GERMANY - Equities are vital to maintaining return opportunities in second-pillar pensions, according to a study into the effects of the crisis on the German pension system.
The research, commissioned by Union Investment, was carried out by Bernd Raffelhüschen and Johannes Vatter from the centre for intergenerational contracts at the University Freiburg.
In their paper, the academics said: "To deduce a general reduction of risky investments like funds or equities seems absurd because, with those asset classes especially, the return potential has to be taken into account."
Instead, they recommended a good diversification of assets - "just as it was before the crisis".
Raffelhüschen added that the losses also had to be weighed against "partly considerable gains prior to the crisis".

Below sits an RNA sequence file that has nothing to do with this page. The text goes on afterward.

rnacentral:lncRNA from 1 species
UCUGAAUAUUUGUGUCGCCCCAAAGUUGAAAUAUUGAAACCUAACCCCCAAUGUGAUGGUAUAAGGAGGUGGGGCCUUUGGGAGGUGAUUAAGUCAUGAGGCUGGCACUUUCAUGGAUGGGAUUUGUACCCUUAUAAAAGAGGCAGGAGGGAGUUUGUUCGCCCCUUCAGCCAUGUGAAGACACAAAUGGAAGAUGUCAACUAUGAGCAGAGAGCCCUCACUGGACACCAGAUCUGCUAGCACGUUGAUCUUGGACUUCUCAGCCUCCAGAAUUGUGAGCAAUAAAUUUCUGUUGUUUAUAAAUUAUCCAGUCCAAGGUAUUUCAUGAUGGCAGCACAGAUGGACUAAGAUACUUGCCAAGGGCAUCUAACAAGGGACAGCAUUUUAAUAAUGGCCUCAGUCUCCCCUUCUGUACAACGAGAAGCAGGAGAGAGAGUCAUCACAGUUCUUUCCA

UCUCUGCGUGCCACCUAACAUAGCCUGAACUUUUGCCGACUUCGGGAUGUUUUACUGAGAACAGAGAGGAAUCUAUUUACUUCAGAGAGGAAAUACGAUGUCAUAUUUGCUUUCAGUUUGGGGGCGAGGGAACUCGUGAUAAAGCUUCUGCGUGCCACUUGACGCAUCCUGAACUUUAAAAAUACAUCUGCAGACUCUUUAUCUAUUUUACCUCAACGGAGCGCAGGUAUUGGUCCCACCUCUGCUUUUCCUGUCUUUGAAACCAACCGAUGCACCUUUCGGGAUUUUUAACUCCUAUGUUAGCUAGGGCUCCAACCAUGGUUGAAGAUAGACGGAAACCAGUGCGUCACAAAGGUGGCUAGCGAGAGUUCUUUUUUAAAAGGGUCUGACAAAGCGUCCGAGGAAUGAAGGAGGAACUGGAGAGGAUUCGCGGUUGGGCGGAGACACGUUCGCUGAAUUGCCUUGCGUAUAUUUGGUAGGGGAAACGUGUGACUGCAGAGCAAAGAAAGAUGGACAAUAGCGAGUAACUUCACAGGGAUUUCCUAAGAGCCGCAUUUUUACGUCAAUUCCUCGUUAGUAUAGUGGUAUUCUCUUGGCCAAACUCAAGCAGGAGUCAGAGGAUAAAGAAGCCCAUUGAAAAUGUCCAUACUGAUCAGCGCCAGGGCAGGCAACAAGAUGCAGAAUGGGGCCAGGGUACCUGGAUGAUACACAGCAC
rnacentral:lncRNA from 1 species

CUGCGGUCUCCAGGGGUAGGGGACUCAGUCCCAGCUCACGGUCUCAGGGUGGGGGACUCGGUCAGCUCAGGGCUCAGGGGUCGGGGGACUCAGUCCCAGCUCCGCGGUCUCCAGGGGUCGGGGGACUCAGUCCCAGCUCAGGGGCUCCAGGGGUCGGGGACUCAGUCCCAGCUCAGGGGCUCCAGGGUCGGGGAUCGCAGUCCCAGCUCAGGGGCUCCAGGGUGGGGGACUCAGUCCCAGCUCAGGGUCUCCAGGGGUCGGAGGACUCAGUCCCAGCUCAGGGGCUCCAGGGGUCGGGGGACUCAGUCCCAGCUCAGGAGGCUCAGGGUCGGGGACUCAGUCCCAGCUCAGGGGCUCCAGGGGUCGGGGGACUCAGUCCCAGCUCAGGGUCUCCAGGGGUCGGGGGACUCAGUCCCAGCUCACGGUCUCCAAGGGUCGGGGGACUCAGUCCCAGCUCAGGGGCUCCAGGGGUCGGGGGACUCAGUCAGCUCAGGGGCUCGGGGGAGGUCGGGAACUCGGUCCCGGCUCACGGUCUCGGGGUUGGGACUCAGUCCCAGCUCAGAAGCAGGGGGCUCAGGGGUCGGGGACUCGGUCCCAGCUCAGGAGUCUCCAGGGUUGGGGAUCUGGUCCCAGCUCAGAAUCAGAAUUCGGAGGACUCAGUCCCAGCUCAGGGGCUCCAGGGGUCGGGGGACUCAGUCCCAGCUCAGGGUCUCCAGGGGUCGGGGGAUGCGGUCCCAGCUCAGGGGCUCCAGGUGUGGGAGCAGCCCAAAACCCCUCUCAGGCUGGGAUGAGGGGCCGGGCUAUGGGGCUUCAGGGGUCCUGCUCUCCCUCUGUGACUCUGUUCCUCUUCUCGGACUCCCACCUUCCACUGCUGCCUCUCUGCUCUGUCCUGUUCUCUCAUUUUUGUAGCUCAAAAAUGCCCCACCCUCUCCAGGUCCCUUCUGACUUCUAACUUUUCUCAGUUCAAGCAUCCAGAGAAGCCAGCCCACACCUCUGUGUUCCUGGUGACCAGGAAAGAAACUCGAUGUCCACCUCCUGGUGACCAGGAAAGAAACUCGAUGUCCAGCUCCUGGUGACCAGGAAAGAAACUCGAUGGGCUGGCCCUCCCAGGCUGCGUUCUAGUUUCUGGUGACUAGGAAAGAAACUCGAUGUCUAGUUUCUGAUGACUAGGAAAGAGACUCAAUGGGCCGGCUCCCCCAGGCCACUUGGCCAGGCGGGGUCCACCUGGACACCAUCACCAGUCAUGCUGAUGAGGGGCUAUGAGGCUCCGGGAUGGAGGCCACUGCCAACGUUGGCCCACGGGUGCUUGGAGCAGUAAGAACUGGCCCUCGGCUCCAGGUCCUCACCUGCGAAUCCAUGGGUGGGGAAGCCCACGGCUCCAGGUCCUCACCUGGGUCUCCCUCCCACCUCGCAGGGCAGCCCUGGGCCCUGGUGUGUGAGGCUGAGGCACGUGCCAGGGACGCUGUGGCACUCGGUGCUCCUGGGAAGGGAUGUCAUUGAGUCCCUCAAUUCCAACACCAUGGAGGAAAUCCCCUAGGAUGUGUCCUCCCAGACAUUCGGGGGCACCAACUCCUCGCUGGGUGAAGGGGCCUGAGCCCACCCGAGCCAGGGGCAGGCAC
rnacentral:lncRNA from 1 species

The academics calculated an average loss in second-pillar provisions suffered per household of 3%, largely due to a conservative asset allocation by German occupational pension providers and real estate holdings, which have remained stable.
Excluding real estate, the figure jumps to 6%.
However, the study stressed that the losses were "very unevenly spread" among the population, as participation in the second pillar is not mandatory.
For the first time in the history of German retirement provision, a crisis seriously affected the first pillar through recession and economic downturn, Raffelhüschen said.
The slower economic growth will reduce state pension benefits by €200bn over the next 40 years, which equals a 2.7% reduction in pensions over the long term, he added.
But Raffelhüschen noted that this number was "relativised considerably" by the pension reforms of the last 20 years, as well as the total sum of pensions to be paid out until 2050, amounting to almost €7trn.
Nevertheless, the study found that people now aged 55-65 would have to make additional savings for their retirement because of the crisis.
Furthermore, should the economy slow even further, the effects on the first pillar could multiply, the academics said.